In Ukraine, Russia Plays a Weighted Word Game
The New York Times: International
By Andrew Higgins

KIEV, Ukraine — If one ignores the images of masked men armed to the teeth and just listens to Russian television, the drama in eastern Ukraine can sometimes seem little more than a quarrel among constitutional scholars. The gunmen, denounced by the Ukrainian government as violent separatists, are invariably referred to by Russian officials and their state-controlled news media simply as “supporters of federalization.”

The nonthreatening designation may be far removed from the raw reality of a geopolitical struggle that has put all of Europe on edge, but it points to what Moscow sees, or at least says it sees, as the only viable solution to the turmoil in Ukraine. When the United States, the European Union, Russia and Ukraine meet in Geneva on Thursday to try to find a way to end the crisis, “federalization” is likely to be the No. 1 item on Russia’s agenda.
Insisting that they had no hand in the violent seizure of government buildings across eastern Ukraine, Russian officials have adopted a tone of professorial detachment, saying they merely sympathize with what they call modest demands for adjustments to Ukraine’s Constitution. The changes, they say, would protect the rights and interests of the mostly Russian-speaking east and rein in the powers of a central government in Kiev that they describe as illegal and dominated by fascists.
For the Ukrainian authorities, however, “federalization” is nothing more than a ruse to dismember the country and ensure that it never moves out of Russia’s orbit to join Europe.
The idea of transforming the country from a republic with a central government that has, at least on paper, broad authority to a federation of largely autonomous states is so toxic, in fact, that during a closed session of the Ukrainian Parliament on Wednesday, legislators adopted a resolution barring Ukrainian diplomats from even discussing the issue of constitutional revisions at the Geneva talks, where Secretary of State John Kerry will meet his Russian counterpart, Sergey V. Lavrov.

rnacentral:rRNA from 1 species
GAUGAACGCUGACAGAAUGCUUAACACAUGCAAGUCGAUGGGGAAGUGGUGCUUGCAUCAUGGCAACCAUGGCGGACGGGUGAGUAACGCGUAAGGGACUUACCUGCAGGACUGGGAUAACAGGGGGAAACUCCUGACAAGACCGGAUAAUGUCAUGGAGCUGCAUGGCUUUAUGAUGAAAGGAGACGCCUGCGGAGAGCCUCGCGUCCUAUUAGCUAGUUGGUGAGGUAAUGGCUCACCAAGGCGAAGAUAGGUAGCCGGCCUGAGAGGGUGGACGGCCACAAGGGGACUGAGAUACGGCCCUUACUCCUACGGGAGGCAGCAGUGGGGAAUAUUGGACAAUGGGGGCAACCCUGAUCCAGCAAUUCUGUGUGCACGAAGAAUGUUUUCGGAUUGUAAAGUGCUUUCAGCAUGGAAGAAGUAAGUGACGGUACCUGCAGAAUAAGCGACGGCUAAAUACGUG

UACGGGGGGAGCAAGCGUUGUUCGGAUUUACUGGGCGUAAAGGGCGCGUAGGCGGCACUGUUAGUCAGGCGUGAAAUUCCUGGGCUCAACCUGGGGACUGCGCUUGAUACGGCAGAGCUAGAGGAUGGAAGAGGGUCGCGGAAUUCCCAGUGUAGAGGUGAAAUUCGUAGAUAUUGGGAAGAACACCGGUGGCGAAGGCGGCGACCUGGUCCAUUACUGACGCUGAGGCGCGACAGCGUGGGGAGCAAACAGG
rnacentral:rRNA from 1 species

Parliament “stresses that issues of internal competence of Ukraine cannot be a subject of international negotiations, in particular issues regarding constitutional order and administrative and territorial structure of Ukraine,” the resolution said.
The new Ukrainian leadership is especially wary given the country’s experience under President Viktor F. Yanukovych, who was driven from power in February by protesters who accused him of corruption and of serving Russia’s interests rather than his own country’s.
“Not everyone understands that the federalization issue may lead to a situation where, instead of one Yanukovych, we will have lots of little Yanukovyches,” Ukraine’s acting prime minister, Arseniy P. Yatsenyuk, told Ukrainian television. “They want little Yanukovyches in every region. We won’t agree on that.”
But Russia has been pressing hard on the need for a federal structure in Ukraine, with Mr. Lavrov, the foreign minister, declaring it “an extremely important component of the constitutional reform because the primary objective is the unity of Ukraine through the consideration of the interests of all regions of that country.”
Vitaly I. Churkin, Russia’s ambassador to the United Nations, repeated the pitch for constitutional change during a Security Council discussion on Wednesday, arguing that Kiev had fallen to extreme nationalists and fascists who needed to be reined in to save ethnic Russians and Russian speakers from persecution.